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Leisure centres to go under without further rescue funding in Spending Review – districts warn

Published: 21 November 2020

Leisure centres to go under without further rescue funding in Spending Review – districts warn

21st November 2020

Leisure centres closed again due to coronavirus may never re-open unless government brings forward a financial rescue package to save the sector in next week’s Spending Review, new analysis reveals today.

The District Councils’ Network, which represents authorities responsible for providing leisure services, forecasts a financial hit to outsourced district council leisure centres of around £324 million this year – which will send many out of business.

The Government is to provide £100 million of help sometime early next year.

Councils are concerned that the continued loss of income will cause many leisure providers to go bust without more help getting to them more quickly.

Many councils have sought to help prop up their leisure services. However it is unsustainable as councils’ own income from sales, fees and charges has plummeted by £470 million since March, with further losses across business rates and council tax.

The DCN, the voice of 187 district councils in England, is calling for an increase in emergency funding as part of the wider package of support for district councils when the Chancellor announces his Spending Review on Wednesday to ensure the leisure sector can survive into the future.

It says leisure centres have a fundamental role to play in the national recovery from the pandemic, by improving physical and mental health and tackling health inequalities.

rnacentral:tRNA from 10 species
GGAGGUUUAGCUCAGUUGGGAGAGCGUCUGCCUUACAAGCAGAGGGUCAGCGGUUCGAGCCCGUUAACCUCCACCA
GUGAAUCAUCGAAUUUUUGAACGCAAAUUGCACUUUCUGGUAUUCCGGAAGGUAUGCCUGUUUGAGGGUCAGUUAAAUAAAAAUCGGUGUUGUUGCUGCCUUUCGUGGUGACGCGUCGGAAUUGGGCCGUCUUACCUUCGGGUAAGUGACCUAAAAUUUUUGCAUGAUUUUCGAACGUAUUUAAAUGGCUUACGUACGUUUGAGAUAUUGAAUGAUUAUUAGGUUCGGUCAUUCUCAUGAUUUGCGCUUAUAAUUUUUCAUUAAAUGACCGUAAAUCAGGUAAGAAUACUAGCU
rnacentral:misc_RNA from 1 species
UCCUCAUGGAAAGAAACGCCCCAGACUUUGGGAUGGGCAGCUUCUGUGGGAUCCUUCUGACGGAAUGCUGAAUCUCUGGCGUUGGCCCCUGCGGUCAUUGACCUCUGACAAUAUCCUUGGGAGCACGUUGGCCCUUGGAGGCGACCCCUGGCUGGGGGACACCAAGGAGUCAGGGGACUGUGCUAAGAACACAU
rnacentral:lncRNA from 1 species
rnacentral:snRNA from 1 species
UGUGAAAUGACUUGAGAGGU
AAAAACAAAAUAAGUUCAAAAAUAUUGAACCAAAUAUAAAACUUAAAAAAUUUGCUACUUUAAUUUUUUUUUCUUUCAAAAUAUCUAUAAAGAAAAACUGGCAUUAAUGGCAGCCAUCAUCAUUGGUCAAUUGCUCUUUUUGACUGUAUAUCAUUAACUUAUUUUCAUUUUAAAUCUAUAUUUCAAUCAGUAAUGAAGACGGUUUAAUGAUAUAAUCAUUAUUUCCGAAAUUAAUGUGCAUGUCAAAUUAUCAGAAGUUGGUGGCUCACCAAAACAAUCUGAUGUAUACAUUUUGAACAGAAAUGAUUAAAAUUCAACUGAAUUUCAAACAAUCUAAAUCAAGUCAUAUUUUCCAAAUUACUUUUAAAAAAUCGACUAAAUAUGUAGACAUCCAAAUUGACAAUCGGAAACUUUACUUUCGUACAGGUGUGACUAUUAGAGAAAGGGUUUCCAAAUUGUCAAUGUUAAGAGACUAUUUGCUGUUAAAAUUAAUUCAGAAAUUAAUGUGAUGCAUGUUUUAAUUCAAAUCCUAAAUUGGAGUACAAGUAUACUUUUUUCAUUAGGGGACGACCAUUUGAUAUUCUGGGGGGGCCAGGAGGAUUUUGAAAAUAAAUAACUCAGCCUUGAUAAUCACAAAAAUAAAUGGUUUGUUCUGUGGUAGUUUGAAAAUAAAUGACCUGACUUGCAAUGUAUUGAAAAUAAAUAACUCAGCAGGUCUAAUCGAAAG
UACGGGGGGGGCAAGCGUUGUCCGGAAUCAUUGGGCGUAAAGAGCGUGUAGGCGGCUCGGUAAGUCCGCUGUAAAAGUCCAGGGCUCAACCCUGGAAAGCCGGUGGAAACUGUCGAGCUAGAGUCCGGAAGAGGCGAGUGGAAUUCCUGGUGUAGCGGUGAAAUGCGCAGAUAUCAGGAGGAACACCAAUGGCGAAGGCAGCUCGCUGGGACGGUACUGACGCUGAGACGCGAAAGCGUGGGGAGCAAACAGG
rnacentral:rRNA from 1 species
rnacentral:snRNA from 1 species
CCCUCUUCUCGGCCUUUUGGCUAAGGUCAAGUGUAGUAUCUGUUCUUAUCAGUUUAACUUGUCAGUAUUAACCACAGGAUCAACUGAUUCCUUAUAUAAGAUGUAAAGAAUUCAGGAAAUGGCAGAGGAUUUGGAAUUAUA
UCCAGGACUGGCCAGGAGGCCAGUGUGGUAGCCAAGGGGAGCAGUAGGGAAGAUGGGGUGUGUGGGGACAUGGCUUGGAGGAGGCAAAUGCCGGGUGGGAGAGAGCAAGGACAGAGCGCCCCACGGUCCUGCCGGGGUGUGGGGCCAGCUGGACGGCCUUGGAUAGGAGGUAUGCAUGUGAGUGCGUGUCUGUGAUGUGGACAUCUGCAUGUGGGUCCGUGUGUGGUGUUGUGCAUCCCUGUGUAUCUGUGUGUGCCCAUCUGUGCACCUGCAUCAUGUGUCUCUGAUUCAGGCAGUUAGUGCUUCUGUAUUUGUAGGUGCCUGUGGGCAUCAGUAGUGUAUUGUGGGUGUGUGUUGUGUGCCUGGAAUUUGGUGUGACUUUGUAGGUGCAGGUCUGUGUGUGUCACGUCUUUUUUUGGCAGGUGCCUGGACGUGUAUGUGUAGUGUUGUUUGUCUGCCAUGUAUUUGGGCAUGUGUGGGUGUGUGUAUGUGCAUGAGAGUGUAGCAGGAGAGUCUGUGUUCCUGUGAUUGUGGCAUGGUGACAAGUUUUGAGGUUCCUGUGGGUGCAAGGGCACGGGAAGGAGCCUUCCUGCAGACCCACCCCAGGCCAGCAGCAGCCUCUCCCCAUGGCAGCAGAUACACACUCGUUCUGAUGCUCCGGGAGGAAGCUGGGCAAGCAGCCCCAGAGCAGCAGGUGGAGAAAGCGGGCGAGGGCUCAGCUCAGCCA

Sport and leisure will be critical to improving the health of people of all ages and from all backgrounds and keeping people out of overstretched and expensive NHS and social care services.

Investing in leisure centres will also deliver greater returns in the long term, with the King’s Fund finding that district council leisure services and green spaces create up to £23 in value for every £1 invested.

Cllr Dan Humphreys, DCN lead member for enhancing quality of life, said:

“After a further period of lockdown and being unable to visit their local gym or swimming pool, it would be a devastating blow to communities to find they no longer have their local leisure centre in the months ahead.

“But the sad reality is that our leisure centres are in a crisis right now, and some may never recover without an increase in the lifeline as part of a wider package of support for district council services from the Government’s Spending Review.

“As local leaders, district councils are committed to tackling this health and economic crisis now and in the future.

“Leisure and sport will be critical to improving the health of people from all ages and backgrounds as we emerge from this crisis. As destinations in themselves, they also draw people into town centres creating community spaces and support for local businesses.

“District councils are central to protecting health and the economy and helping to drive jobs and growth moving forward.

“But our incomes have plummeted amid the crisis and it is critical that the Spending Review continues to ensure we can deliver those critical doorstep services, protect the vulnerable and drive growth in the coming months and years.”

Notes to editors

Altogether for all English councils this represent a loss of £650 million for outsourced leisure centres.

The analysis used for this press release follows a survey that was sent to 187 District Council Chief Executives, 92 responses to the survey were received, 49% of DCN member authorities.

The District Councils’ Network (DCN) is a cross-party member led network providing a single voice to 187 district councils. District councils in England deliver 86 out of 137 essential local government services to over 22 million people – 40 per cent of the population – and cover 68 per cent of the country by area. They play a key role in local communities, providing services such as building homes, collecting waste, regenerating town centres, preventing homelessness, keeping streets clean and maintaining parks.

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